Ian Thomas Malone



January 2020



Slamdance Review: 1986

Written by , Posted in Blog, Movie Reviews, Pop Culture

The tragedy of Chernobyl has been depicted many times in film. 1986 takes a bit of a different
approach, a modern day drama featuring characters with bigger problems than the aftermath
of the disaster. For them, what happened is just another fact of life, something of intrigue and
occasionally, opportunity.

Elena (Daria Mureeva) is a student living in Belarus, juggling a few unfortunate predicaments.
Her shady father is suddenly arrested, leaving her to carry out his illegal businesses that take
her through Chernobyl’s exclusion zone. To make matters worse, she’s in a complicated
relationship with her boyfriend Victor.

Director Lothar Herzog keeps most of the film’s focus on Elena. She is the film’s sole compelling
character, a young woman who has to put up with the disrespect of a male-dominated criminal
underground. She’s strong-willed and proud, intending to show her father’s associates that
she’s more than up to the task of carrying on his business.

Mureeva is a compelling lead, showcasing her range quite a bit through the film’s short
runtime. Elena is constantly thrown into vulnerable scenarios, full of conflicting emotions in the
realms of pride and passion. 1986 does a good job of keeping the audience guessing with how
Elena will react to each scenario.

Where the film is less effective is in presenting a complete story. Herzog throws the audience
right into the thick of things, a refreshing approach light on exposition. We don’t really need to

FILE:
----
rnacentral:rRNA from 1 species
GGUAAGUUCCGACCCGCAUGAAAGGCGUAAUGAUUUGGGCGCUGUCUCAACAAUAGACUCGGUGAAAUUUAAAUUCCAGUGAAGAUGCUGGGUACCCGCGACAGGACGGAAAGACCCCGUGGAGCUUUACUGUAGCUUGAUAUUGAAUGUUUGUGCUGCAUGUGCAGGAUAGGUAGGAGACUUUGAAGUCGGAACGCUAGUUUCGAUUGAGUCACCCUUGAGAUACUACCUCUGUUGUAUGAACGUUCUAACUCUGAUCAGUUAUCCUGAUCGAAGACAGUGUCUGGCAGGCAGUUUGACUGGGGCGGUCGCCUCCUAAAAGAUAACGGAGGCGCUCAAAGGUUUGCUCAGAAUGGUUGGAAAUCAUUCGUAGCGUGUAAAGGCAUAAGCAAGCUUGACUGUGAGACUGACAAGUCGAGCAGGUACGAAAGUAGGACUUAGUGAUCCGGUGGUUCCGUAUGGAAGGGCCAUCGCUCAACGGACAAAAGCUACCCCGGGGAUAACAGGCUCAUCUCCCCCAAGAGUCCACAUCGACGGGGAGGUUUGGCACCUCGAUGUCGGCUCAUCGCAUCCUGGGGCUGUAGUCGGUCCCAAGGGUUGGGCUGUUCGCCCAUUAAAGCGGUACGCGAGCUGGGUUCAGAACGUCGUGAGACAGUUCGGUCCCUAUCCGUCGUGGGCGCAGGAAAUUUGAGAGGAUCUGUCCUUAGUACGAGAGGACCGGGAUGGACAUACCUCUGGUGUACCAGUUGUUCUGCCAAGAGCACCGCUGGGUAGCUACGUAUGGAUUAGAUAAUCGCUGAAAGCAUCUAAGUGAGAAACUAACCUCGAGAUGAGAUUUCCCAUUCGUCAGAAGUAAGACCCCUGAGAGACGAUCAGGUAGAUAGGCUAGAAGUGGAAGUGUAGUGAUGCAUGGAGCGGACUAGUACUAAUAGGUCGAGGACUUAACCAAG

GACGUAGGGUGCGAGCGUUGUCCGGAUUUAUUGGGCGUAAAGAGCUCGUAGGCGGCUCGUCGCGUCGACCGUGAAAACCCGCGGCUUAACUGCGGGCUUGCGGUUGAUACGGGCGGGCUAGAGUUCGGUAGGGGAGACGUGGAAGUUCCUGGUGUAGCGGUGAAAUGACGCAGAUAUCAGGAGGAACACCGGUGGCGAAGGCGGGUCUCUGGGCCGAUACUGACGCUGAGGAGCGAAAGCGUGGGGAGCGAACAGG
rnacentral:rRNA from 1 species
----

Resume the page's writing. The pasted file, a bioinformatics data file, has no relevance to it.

know the full backstory of her father to relate to Elena. The film runs into trouble with the
progression of its own story.

1986 is effective at presenting scenes in Elena’s life, but the film struggles to tie them together
as a complete narrative. The story feels rushed, hindered by a half-baked love story that
doesn’t do much for Elena as a character. It’s not a crime thriller or a romance narrative, but
the emphasis on those two strands comes at a cost to the development of Elena.

The film’s relationship to Chernobyl is also kind of puzzling. Herzog doesn’t use the tragedy as a
plot device, but Elena’s connection to the disaster-zone doesn’t feel entirely earned either. It’s
as if 1986 had nowhere else to turn but the serenity of a quiet forest, albeit one brimming with

1986 is a complicated film to digest, one that stumbles a bit too much down the stretch. At only
seventy-six minutes, much of this can be blamed on the runtime. Herzog’s film has a lot going
for it, but it’s easier to admire its individual pieces than to love its collective whole.